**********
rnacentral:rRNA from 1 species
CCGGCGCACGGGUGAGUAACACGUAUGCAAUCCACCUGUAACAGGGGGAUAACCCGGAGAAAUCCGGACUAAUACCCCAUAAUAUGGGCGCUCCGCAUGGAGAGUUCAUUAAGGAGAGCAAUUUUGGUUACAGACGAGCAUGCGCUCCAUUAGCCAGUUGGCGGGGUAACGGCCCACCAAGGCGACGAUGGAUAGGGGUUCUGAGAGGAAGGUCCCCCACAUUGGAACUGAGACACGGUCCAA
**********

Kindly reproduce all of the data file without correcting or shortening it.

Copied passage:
rnacentral:rRNA from 1 species
CCGGCGCACGGGUGAGUAACACGUAUGCAAUCCACCUGUAACAGGGGGAUAACCCGGAGAAAUCCGGACUAAUACCCCAUAAUAUGGGCGCUCCGCAUGGAGAGUUCAUUAAGGAGAGCAAUUUUGGUUACAGACGAGCAUGCGCUCCAUUAGCCAGUUGGCGGGGUAACGGCCCACCAAGGCGACGAUGGAUAGGGGUUCUGAGAGGAAGGUCCCCCACAUUGGAACUGAGACACGGUCCAA